Open Access Repository

Predictors of paranoia amongst regular methamphetamine users

Ebert, Russ Harvey 2010 , 'Predictors of paranoia amongst regular methamphetamine users', Coursework Master thesis, University of Tasmania.

[img] PDF (Whole thesis)
whole_EbertRuss...pdf | Request a copy
Full text restricted
Available under University of Tasmania Standard License.


LITERATURE REVIEW Use of methamphetamine is associated with considerable physical and
psychological burden. Methamphetamine-induced psychosis has been recognised as
having considerable impact on emergency services. The condition is characterised by
severe paranoid ideation. Whilst much research has been carried out in the respective
fields of paranoia and of methamphetamine-induced psychosis, little research has
been conducted into the predictors of subclinical paranoia amongst regular
methamphetamine users. Such research is important as it may lead to greater
awareness amongst methamphetamine users of the precursors to clinical psychosis
and aid health practitioners in the management of such cases.
Biological models of paranoia implicate the role of excessive dopamine in the
mesolimbic pathway. Use of methamphetamine leads to a substantial increase in
synaptic dopamine levels along this pathway. It is likely that this action is
responsible for the increased risk of paranoia and associated psychotic symptoms
amongst methamphetamine users. Existing literature suggests specific predictors of
methamphetamine-induced psychosis include drug purity, dependence and
concomitant cannabis use. Cannabis may contribute to paranoia via a unique,
possibly non-dopaminergic, mechanism, further increasing the risk of psychosis
amongst regular users of both drugs. Psychological models of paranoia vary but
commonly implicate role of anxiety. Future research into the relationship between
methamphetamine and paranoia should seek to identify the strongest predictors of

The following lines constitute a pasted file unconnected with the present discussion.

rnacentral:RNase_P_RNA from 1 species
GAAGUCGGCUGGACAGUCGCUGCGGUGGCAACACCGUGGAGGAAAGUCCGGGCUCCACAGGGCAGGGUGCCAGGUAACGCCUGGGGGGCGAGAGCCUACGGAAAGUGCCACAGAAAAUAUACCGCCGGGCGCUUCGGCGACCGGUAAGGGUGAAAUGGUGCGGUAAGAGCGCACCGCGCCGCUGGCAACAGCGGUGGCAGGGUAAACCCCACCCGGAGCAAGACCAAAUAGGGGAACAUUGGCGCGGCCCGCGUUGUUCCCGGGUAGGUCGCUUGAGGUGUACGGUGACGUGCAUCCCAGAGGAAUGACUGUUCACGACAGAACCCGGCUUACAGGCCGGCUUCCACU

paranoid ideation amongst regular methamphetamine users. EMPIRICAL STUDY Methamphetamine-induced psychosis places considerable burden on the
individual and on broader society. Paranoia is a core symptom of this condition. The
present study identifies several key variables that predict sub-clinical experience of
paranoia within a population of methamphetamine users. Participants were 239
regular substance users who had consumed methamphetamine in the 6 months
preceding interview. Participants were interviewed about their history of substance
use and provided detailed demographic data. Levels of methamphetamine
dependence, anxiety and paranoid ideation were assessed using the Severity of
Dependence Scale, Kessler-10 Psychological Distress Scale (Kessler et al., 2002) and
Paranoia Scale (Fenigstein & Vanable, 1992) respectively. Results indicate that
anxiety is the strongest predictor of paranoia amongst the sample, accounting for
40% of the variance in the latent paranoia variable. In addition to anxiety,
methamphetamine dependence, pre-existing mental health conditions and
concomitant frequent cannabis use were all found to be significant predictors of
paranoia after controlling for demographic variables. There is some evidence that
methamphetamine purity, route of administration and frequency of use are also
factors in the development of paranoid ideation. These findings are generally
supportive of existing literature and have implications for the treatment of
individuals who are dependent on methamphetamine or suffer elevated paranoia.

Item Type: Thesis - Coursework Master
Authors/Creators:Ebert, Russ Harvey
Copyright Holders: The Author
Copyright Information:

Copyright 2010 the Author - The University is continuing to endeavour to trace the copyright owner(s) and in the meantime this item has been reproduced here in good faith. We would be pleased to hear from the copyright owner(s).

Additional Information:

Thesis (MPsych(Clin))--University of Tasmania, 2010. Includes bibliographical references

Item Statistics: View statistics for this item

Actions (login required)

Item Control Page Item Control Page